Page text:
Perhaps we shouldn't complain about 20/20s-promo campaign after all. Perhaps some disgruntled adoptee moled himself into ABC and decided to have some fun exposing the over-riding consumerist, competitive approach to child acquisition that rules US adoption today-entitlements shared by politicians that keep adult adoptees as eternal infants and justify the sealing of our records.
A 312: Amendment to state's Safe Haven law which will provide
birthparents immunity from prosecution, rather than the current
affirmative defense. Also prohibits the state from attempting to locate or
contact birthparents if they provide identifying information. Sponsors say
bill will "encourage parents to safely surrender their infants without
fear of identifying themselves." Status: 2/24/2004 Received in the Senate,
Referred to Senate Health, Human Services and Senior Citizens
S 602/A 1971: Supplemental appropriation of $100,000 to DHS for public awareness campaign concerning "New Jersey Safe Haven Protection Act." Status: 5/17/2004 Reported and referred to Assembly Appropriations Committee http://www.njleg.state.nj.us/Default.asp (type in bill number and follow links)
S 1577: Establishes Safe Haven Awareness Promotion Task Force.
No persons directly affected by adoption and abandonment seem to be
eligible for appointment. Members will include numerous professionals and
2 "members of the public with a demonstrated expertise in issues relating
to the work of the task force." Status: 5/10/2004 Introduced in the
Senate, Referred to Senate Health, Human Services and Senior Citizens
A 2765: Requires public school districts to provide instruction on "New Jersey Safe Haven Infant Protection Act" as part of core curriculum content standards in grades 9-12. Status: 5/10/2004 Introduced, Referred to Assembly Education Committee http://www.njleg.state.nj.us/Default.asp (type in bill number and follow links).
Where The Action Is
Ireland: AdoptionIreland: The Adopted
People's Association is calling for the immediate ratification of
the Hague Convention on the Protection of Children in Inter-Country
Maryland: Maryland's Governor Ehrlich has vetoed HB 232 -- the
sibling bill that would have allowed adopted siblings to receive search
and reunion services via the state CI program.
Texas: State district judge turns down request for a class
action law suit against the Gladney Center for Adoption, based in Fort
United Kingdom: The Foundling Museum, 40 Brunswick Square, WC1,
opens on 15 June, London. http://www.londontown.com/LondonInformation/
BASTARD NATIONALS JOANNE SMALL AND JANINE BAER PUBLISH
Joanne Wolfe Small's collection of essays on adoption, comprising a selection of articles and talks written or revised over a period of years, began to materialize as a book about two and a half years ago. The essays look at adoption from a psychosocial or environmental perspective. These essays outline the history and background of American adoption culture; explore the hidden but powerful religious, social and economic factors that affect adoption's collective image, and are often critical of child welfare's adoption premises, policies, and practices.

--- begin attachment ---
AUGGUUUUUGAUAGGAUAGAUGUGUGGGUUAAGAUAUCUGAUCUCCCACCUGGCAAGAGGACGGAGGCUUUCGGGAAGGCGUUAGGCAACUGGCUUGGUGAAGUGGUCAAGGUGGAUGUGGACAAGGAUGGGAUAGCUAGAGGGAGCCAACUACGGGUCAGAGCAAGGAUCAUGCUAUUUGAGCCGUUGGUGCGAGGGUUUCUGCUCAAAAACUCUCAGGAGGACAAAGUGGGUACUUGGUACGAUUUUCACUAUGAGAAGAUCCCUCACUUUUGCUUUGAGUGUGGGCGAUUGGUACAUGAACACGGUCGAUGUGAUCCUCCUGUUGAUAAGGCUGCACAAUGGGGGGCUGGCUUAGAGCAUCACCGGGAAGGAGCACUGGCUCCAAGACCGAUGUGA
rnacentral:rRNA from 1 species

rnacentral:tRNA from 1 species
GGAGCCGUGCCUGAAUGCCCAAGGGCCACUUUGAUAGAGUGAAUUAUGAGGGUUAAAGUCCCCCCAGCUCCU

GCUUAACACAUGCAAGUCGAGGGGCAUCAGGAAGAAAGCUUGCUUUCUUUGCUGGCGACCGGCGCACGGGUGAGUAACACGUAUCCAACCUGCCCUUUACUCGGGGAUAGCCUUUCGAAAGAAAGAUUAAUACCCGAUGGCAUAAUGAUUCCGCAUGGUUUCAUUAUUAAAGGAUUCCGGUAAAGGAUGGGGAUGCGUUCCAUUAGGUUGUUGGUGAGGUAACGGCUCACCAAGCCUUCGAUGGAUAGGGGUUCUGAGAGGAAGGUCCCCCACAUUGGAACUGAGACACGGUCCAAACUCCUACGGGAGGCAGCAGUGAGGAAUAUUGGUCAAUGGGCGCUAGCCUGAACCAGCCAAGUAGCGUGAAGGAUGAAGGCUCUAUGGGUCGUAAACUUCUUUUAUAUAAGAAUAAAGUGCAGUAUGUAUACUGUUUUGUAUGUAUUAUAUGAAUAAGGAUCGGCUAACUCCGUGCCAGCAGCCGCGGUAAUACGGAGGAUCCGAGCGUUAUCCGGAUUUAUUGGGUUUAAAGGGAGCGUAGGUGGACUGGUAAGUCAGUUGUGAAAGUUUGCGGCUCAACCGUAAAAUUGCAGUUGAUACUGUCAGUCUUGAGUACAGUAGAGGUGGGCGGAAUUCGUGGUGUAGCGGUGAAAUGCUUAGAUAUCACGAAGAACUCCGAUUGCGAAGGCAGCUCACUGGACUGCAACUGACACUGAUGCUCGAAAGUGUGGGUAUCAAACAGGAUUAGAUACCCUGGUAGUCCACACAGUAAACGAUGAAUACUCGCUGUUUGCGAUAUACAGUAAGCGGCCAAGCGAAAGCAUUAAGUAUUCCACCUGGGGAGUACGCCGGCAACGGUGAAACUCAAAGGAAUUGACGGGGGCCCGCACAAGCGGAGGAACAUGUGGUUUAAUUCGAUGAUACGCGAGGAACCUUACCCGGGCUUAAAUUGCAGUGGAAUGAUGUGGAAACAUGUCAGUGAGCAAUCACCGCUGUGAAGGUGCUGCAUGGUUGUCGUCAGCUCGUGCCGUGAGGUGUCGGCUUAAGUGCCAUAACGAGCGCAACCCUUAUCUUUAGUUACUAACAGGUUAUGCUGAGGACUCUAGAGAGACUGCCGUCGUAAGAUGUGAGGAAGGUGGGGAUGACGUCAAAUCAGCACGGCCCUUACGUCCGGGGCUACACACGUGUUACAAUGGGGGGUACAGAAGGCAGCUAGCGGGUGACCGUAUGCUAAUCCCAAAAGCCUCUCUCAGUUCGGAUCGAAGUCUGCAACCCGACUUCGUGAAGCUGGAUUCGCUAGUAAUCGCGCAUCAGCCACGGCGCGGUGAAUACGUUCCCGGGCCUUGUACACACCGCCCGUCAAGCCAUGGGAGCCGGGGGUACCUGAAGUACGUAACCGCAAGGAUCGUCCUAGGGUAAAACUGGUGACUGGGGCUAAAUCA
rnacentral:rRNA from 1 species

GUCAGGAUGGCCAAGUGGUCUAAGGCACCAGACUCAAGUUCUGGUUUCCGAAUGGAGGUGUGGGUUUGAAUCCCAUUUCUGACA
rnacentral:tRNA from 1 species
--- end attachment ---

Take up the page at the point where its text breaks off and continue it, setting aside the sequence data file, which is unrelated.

Joanne believes that adoption is an industry that has largely gained power from the desperation, neediness and powerlessness of the birth parents, infertile couples, and adoptees that it serves. "Society has invested the industry with an image comparable to that of a sacred cow. Criticism has customarily been taboo," writes Joanne.
You'll find an abundance of compelling arguments that support the theory that secrecy in adoption breeds shame, a theme that runs through the entire book. Joanne dubs the current crop of open records bills, "Dirty Little Secret" Legislation.
Any one of these essays could be an excellent starting point for a stimulating discussion with different adoption groups. They would be extremely valuable when talking with adoptive parents, child welfare professionals, support groups, and people in the media.The essays are all well documented with specific references at the end of each chapter. http://www.amazon.com.
Growing in the Dark: Adoption Secrecy and its Consequences by Janine Baer
Janine Baer's Growing in the Dark deals with the generations of adults who were adopted as children and have been kept in the dark about their original identities. The law sealing birth records, passed in 1935 in California, swept adoption's emotional complexities under the rug and made it possible to keep adoption itself a secret.
Growing in the Dark takes you through California's early
adoption laws, highlighting the sealing of records, and discusses the
various consequences of this policy as they unfolded throughout the 20th
century. Psychological theories, baby sellers, the views of child welfare
advocates, and attempts to reverse the sealed records laws are all part of
adoption's story. For more information, please visit Janine's website, http://www2.xlibris.com/bookstore/
You Remind Me of Me by Dan Chaon
Dan Chaon, author of two collections of short stories, has published his first novel which revolves around one case of adoption and its enormous ramifications on how family ties are made or lost. Nora, a pregnant teenager, admits herself to Mrs. Glass' Maternity Home and gives up her first child, a boy, to adoption. Five years later Nora gives birth to a second son, Jonah, whom she keeps. Jonah grows to be a depressed and lonely young man who wants to change his life. He clings to the sense that his life could have been different if one important loss had never occurred.
"After Jonah's grandfather died, when she (Nora) started taking drugs more and more, she would occasionally grow sentimental.
"Don't you wish I'd given you up, Jonah?" Nora would say, full of slurry self-pity, in a haze of her own angry thoughts. "I'll bet he's a lot happier than you are."
You Remind Me of Me is not the kind of book in which a simple revelation of brotherhood will solve all problems and lead to happily-ever-after transformations. Dan Chaon examines questions of identity, fate, and circumstance: Why do we become the people we become? How do we end up stuck in lives we never wanted? And can we change the course of what seems inevitable?
Author Elizabeth McCracken says, "You Remind Me of Me is one of the strangest, most beautiful, most compelling books I've read in a long time. Unnerving and real, intricately plotted, wonderfully written, it's a Chinese box of a novel, full of hidden pleasures and surprises."
I couldn't agree more!!
Books reviewed by Anita Walker Field
JOIN BASTARD NATION
Editors: Anita Walker Field and David C. Ansardi
c. 2004 Bastard Nation: The Adoptee Rights Organization